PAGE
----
Cyber resilience is what ensures an organisation can remain operating seamlessly and effectively in the face of the growing number of cyber threats. There are four key stages to creating cyber resiliency in your organisation.
A preventative approach to security is vital. Firewalls, encryption software and protocols are all essentials tools to defend an organisation, but preventative methods alone aren’t enough. Incidents will still happen.
The way a firm reacts to a cyberattack is what makes the most difference. To ensure your organisation can react quickly to an attack, draw up detailed incident response plans and identify the key systems required for your business to remain operational in the event of an attack. This should ensure your cyber resilience.
Developing a strong company security culture is essential to becoming cyber resilient. Detecting threats early limits damage. While technology can help identify attacks, educated staff can also spot threats and raise an alert.
To reduce the risk of an incident resulting in the critical failure of your systems, diversify the technology you use and create a layered defence. Isolating parts of your system can ensure you’re able to keep control of key functions, which will help your company survive an incident.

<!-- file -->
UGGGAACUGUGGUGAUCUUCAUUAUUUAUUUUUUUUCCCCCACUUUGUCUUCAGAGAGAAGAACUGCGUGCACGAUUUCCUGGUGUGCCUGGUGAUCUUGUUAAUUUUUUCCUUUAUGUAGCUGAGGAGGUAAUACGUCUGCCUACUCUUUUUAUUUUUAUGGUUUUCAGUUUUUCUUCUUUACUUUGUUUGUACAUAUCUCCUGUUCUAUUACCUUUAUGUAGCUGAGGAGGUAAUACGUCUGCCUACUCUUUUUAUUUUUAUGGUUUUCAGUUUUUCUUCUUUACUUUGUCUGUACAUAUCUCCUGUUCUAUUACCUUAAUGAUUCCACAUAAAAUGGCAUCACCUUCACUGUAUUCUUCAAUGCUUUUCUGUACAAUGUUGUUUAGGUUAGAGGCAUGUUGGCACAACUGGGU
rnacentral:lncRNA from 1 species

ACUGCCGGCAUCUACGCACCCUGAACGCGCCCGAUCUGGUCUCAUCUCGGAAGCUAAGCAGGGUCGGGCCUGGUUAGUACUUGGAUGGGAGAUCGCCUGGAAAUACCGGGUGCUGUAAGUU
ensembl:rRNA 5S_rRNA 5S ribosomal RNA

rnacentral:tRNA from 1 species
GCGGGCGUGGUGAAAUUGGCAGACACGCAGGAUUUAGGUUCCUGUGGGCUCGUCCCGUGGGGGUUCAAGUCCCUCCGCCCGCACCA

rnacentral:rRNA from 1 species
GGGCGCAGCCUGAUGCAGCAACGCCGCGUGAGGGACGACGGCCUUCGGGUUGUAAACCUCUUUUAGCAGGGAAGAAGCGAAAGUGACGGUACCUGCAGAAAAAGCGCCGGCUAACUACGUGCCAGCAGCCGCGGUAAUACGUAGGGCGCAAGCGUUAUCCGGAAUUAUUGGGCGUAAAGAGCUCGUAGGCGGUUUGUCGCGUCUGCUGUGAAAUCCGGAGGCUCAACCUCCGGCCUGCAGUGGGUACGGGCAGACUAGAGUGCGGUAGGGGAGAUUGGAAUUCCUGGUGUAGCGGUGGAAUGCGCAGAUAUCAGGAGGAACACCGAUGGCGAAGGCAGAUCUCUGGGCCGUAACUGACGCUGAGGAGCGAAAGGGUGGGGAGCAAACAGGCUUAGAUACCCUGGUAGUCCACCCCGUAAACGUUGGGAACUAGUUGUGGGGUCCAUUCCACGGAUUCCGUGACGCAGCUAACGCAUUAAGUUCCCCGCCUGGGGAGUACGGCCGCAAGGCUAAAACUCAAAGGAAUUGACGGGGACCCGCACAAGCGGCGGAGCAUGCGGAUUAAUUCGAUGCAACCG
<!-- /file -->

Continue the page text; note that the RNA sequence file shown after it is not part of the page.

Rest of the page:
Incident response planning can’t be perfect, because no two events are ever identical. However, communication is key during any cyber resilience incident. This extends to not just staff members but customers too. Lack of clear communication can cause panic and can escalate what is already a difficult and stressful situation.
It’s understood that not everyone will think clearly in a crisis. All decisions made should be informed by everyone in the team and should represent the best course of action. If the correct approach is not being made, everyone must feel confident to question decisions.
Finally, to ensure they are truly resilient, enterprise systems often need to be adapted in step with a rapidly evolving environment. This marks the difference between a system being robust or resilient.
The next phase in the evolution of resilient system designs is to build systems that autonomously adapt and respond to changes in the environment. Concepts like altering the system’s layout to respond to a detected attack or autonomous security patching and vulnerability detection are all examples of adaptive systems.
For companies to avoid complacency, their cyber resiliency systems need to be updated continuously, even when no incident has occurred.
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